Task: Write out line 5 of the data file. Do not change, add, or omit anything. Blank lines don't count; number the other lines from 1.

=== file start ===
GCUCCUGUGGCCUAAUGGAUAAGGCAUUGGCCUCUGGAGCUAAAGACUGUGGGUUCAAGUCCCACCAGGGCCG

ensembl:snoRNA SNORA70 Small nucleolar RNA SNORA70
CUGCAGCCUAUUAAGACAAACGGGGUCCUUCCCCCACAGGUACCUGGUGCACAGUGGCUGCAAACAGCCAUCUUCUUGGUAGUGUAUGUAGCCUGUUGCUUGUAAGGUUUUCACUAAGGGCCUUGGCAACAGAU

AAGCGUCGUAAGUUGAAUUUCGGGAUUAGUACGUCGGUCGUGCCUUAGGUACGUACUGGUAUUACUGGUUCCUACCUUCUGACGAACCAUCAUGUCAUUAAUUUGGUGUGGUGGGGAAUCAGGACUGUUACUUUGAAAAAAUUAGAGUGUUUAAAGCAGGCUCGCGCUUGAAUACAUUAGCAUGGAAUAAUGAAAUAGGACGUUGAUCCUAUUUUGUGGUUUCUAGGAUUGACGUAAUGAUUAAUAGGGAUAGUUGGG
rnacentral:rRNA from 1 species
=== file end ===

rnacentral:rRNA from 1 species